“While every session sees bills on children’s issues, this year it seems like lawmakers are working even harder to address things which greatly affect a child’s trajectory through life,” she said, also citing the dental hygienist bill as a help to children who lack dental care.

“Many of these bills have been attempted in years past and failed to cross the finish line, but looking at the discourse surrounding them this year gives, I am hopeful that they can ride the wave to the governor’s desk,’’ McKinney added.

Emphasis on opioids

A major bill to fight Georgia’s opioid epidemic passed the Senate. It would codify Gov. Deal’s executive order allowing the sale of naloxone, an antidote for drug overdoses, without a prescription, and would more closely track the prescribing of opioid medications.


And a second proposal, also approved by the Senate, would put more state oversight on the opioid treatment centers that have proliferated, especially in North Georgia. The centers offer medical-assisted treatment and counseling to help treat patients with addictions to heroin and other opioids.

The House passed a “Campus Carry” bill that would allow carrying of concealed weapons on Georgia’s public college and university campuses. Similar legislation drew a veto from Gov. Nathan Deal last year.


The latest dispute about the scope of medical practice erupted over legislation to allow optometrists — who examine the eye, test vision and prescribe corrective treatment but are not physicians — to administer drug injections into patients’ eyelids. Ophthalmologists, who are physicians specializing in the eye, are strongly opposed to this, as is the Medical Association of Georgia, a leading physician organization.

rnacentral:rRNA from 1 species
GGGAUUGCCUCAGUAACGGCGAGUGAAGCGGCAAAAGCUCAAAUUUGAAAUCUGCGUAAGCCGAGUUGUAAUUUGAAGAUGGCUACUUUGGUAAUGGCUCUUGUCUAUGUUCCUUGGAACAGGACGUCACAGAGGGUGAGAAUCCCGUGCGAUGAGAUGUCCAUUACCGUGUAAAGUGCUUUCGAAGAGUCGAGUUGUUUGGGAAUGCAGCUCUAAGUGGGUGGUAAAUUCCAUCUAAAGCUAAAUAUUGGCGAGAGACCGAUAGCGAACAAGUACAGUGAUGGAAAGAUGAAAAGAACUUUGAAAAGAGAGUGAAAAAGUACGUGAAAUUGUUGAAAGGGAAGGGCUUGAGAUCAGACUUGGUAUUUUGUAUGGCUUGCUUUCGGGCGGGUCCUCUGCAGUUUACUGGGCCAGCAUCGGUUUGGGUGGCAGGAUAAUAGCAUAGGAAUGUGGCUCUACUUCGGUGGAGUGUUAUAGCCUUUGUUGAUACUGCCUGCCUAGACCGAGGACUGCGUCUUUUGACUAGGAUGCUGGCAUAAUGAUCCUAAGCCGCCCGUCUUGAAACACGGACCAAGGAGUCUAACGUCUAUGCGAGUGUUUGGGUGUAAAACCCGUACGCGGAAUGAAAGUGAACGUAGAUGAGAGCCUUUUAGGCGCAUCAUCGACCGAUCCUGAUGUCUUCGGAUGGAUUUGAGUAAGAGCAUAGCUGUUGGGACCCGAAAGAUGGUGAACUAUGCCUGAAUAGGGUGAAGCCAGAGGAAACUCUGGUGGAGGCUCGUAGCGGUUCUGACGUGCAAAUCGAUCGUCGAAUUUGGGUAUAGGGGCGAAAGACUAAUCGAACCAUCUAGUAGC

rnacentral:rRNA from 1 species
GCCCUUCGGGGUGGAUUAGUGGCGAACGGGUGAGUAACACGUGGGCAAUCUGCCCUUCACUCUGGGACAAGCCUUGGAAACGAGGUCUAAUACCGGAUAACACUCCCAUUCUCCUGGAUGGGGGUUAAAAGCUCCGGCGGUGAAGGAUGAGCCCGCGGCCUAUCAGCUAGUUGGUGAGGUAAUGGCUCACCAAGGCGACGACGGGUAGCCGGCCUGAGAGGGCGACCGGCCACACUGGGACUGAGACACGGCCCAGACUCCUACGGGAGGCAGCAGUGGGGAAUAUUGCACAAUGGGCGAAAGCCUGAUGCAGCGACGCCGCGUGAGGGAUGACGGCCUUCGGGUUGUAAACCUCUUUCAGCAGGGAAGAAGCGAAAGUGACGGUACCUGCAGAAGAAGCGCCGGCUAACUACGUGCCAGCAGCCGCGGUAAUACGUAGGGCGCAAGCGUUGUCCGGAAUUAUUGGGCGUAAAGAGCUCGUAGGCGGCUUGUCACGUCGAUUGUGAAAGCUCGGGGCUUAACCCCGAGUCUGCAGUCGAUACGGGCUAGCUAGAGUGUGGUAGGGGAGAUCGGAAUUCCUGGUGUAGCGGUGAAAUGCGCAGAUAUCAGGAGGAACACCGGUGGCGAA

A similar bill was defeated twice by a House health panel. Senate Bill 221, though, was approved by the Senate late Friday. Will that bill fare better with the same House panel this time? (GHN article here.)

One surprise outcome involved tax credits and rural health care.

The lawmaker who created Georgia’s new tax credit program for rural hospitals sought to boost the incentives for donors.


State Rep. Geoff Duncan, a Cumming Republican, introduced a House bill that would raise the tax credit from 70 percent to 90 percent for individuals and corporations who donate money to rural hospitals.

But the bill never got a House floor vote, despite support from rural hospitals.

Needle exchange plan hits a wall

State Rep. Allen Peake, a Macon Republican, continued his quest to broaden access to medical marijuana. House Bill 65, which passed that chamber, allow people with autism, Alzheimer’s and HIV/AIDS to legally possess cannabis oil in the state, joining a list of other health conditions that qualify people for use of the substance.

While Georgia is in the midst of a deep nursing shortage (Article here), Senate Bill 166, sponsored by Unterman, would allow RNs and LPNs to practice in Georgia along with the 25 member states under one multistate license.

A needle exchange kit
A needle exchange kit

Public health advocates were disappointed when a bill that would help facilitate needle exchange programs in the state did not clear the House Rules Committee. Needle exchanges provide drug users with clean needles to replace used ones.

Sponsored by Rep. Betty Price, wife of federal Health and Human Services Secretary Tom Price, the legislation aimed to lower rates of HIV and hepatitis C infections by reducing the sharing of dirty needles. (GHN article)